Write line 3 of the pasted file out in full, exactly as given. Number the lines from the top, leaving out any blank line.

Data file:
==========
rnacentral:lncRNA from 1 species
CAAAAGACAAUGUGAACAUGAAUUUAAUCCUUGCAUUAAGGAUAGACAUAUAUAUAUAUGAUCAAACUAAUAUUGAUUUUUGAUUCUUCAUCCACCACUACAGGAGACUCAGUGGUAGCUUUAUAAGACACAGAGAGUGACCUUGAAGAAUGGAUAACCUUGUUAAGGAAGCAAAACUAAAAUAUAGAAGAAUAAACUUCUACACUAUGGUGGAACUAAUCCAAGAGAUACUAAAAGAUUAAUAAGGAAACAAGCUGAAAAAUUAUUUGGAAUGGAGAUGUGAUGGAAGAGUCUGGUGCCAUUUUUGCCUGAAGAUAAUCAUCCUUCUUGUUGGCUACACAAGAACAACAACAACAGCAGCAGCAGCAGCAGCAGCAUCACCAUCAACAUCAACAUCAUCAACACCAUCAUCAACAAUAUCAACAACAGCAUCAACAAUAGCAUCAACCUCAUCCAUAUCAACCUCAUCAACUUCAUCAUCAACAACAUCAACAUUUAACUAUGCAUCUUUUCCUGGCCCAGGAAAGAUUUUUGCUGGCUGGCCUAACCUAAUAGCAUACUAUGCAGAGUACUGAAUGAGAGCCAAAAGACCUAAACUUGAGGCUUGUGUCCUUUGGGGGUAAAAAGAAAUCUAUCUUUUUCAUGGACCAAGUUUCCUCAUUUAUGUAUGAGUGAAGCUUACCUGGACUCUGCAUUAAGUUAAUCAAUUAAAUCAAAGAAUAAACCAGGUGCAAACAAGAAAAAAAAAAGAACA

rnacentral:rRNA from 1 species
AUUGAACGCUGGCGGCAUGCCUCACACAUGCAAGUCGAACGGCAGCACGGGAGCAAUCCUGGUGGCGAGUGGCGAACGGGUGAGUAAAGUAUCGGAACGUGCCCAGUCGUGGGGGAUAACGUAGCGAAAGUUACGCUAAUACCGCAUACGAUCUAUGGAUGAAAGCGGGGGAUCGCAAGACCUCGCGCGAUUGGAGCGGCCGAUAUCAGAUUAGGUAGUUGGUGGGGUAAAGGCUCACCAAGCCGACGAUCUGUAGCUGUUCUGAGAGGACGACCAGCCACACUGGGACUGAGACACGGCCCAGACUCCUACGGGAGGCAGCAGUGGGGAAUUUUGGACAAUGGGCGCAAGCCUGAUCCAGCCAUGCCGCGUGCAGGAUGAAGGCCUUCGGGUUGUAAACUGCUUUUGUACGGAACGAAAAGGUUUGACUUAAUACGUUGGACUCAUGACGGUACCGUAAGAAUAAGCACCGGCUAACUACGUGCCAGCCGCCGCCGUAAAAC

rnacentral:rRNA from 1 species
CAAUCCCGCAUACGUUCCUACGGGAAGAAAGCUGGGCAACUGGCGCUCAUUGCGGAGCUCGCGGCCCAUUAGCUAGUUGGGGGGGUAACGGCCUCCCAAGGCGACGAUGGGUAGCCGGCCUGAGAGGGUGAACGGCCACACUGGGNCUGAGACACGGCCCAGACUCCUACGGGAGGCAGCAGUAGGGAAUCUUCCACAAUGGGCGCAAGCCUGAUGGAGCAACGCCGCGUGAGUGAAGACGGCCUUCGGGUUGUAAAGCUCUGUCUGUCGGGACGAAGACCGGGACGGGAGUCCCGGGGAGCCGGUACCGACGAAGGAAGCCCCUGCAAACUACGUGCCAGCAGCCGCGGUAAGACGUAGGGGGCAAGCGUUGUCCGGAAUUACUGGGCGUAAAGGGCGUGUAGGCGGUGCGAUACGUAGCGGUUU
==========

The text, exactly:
rnacentral:rRNA from 1 species